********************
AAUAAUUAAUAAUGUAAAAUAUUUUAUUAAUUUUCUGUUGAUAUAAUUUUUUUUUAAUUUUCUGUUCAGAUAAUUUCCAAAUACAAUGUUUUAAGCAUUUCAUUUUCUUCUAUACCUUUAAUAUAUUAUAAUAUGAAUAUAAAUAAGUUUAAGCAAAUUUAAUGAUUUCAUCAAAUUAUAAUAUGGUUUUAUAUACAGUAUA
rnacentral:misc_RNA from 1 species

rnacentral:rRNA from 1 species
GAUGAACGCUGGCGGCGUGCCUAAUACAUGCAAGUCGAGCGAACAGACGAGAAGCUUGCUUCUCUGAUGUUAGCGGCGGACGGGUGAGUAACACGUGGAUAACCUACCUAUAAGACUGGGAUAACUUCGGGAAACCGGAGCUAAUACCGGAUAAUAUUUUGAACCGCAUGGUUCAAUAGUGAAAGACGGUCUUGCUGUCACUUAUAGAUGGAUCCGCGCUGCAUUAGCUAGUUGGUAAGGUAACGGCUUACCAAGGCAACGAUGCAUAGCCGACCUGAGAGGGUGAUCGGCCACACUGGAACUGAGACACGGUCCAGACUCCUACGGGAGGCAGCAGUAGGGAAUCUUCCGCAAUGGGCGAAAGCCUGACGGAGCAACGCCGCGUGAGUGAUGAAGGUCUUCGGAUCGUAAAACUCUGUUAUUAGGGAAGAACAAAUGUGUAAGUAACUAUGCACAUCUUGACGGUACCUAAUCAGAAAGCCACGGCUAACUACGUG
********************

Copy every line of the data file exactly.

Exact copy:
AAUAAUUAAUAAUGUAAAAUAUUUUAUUAAUUUUCUGUUGAUAUAAUUUUUUUUUAAUUUUCUGUUCAGAUAAUUUCCAAAUACAAUGUUUUAAGCAUUUCAUUUUCUUCUAUACCUUUAAUAUAUUAUAAUAUGAAUAUAAAUAAGUUUAAGCAAAUUUAAUGAUUUCAUCAAAUUAUAAUAUGGUUUUAUAUACAGUAUA
rnacentral:misc_RNA from 1 species

rnacentral:rRNA from 1 species
GAUGAACGCUGGCGGCGUGCCUAAUACAUGCAAGUCGAGCGAACAGACGAGAAGCUUGCUUCUCUGAUGUUAGCGGCGGACGGGUGAGUAACACGUGGAUAACCUACCUAUAAGACUGGGAUAACUUCGGGAAACCGGAGCUAAUACCGGAUAAUAUUUUGAACCGCAUGGUUCAAUAGUGAAAGACGGUCUUGCUGUCACUUAUAGAUGGAUCCGCGCUGCAUUAGCUAGUUGGUAAGGUAACGGCUUACCAAGGCAACGAUGCAUAGCCGACCUGAGAGGGUGAUCGGCCACACUGGAACUGAGACACGGUCCAGACUCCUACGGGAGGCAGCAGUAGGGAAUCUUCCGCAAUGGGCGAAAGCCUGACGGAGCAACGCCGCGUGAGUGAUGAAGGUCUUCGGAUCGUAAAACUCUGUUAUUAGGGAAGAACAAAUGUGUAAGUAACUAUGCACAUCUUGACGGUACCUAAUCAGAAAGCCACGGCUAACUACGUG